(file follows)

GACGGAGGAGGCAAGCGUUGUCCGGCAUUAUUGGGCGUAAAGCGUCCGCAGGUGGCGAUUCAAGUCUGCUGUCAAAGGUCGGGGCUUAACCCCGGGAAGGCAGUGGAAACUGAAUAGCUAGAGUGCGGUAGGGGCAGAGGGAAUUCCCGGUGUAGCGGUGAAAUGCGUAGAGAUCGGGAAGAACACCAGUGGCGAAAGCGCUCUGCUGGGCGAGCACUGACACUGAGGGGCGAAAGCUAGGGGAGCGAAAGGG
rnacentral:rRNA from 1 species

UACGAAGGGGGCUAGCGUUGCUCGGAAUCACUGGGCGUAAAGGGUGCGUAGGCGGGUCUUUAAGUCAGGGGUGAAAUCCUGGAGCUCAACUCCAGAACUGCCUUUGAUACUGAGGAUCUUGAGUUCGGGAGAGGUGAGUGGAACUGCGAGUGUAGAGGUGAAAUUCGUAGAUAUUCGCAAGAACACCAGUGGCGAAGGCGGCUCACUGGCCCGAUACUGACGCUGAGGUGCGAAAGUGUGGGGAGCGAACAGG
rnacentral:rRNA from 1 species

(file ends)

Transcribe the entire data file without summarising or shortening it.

GACGGAGGAGGCAAGCGUUGUCCGGCAUUAUUGGGCGUAAAGCGUCCGCAGGUGGCGAUUCAAGUCUGCUGUCAAAGGUCGGGGCUUAACCCCGGGAAGGCAGUGGAAACUGAAUAGCUAGAGUGCGGUAGGGGCAGAGGGAAUUCCCGGUGUAGCGGUGAAAUGCGUAGAGAUCGGGAAGAACACCAGUGGCGAAAGCGCUCUGCUGGGCGAGCACUGACACUGAGGGGCGAAAGCUAGGGGAGCGAAAGGG
rnacentral:rRNA from 1 species

UACGAAGGGGGCUAGCGUUGCUCGGAAUCACUGGGCGUAAAGGGUGCGUAGGCGGGUCUUUAAGUCAGGGGUGAAAUCCUGGAGCUCAACUCCAGAACUGCCUUUGAUACUGAGGAUCUUGAGUUCGGGAGAGGUGAGUGGAACUGCGAGUGUAGAGGUGAAAUUCGUAGAUAUUCGCAAGAACACCAGUGGCGAAGGCGGCUCACUGGCCCGAUACUGACGCUGAGGUGCGAAAGUGUGGGGAGCGAACAGG
rnacentral:rRNA from 1 species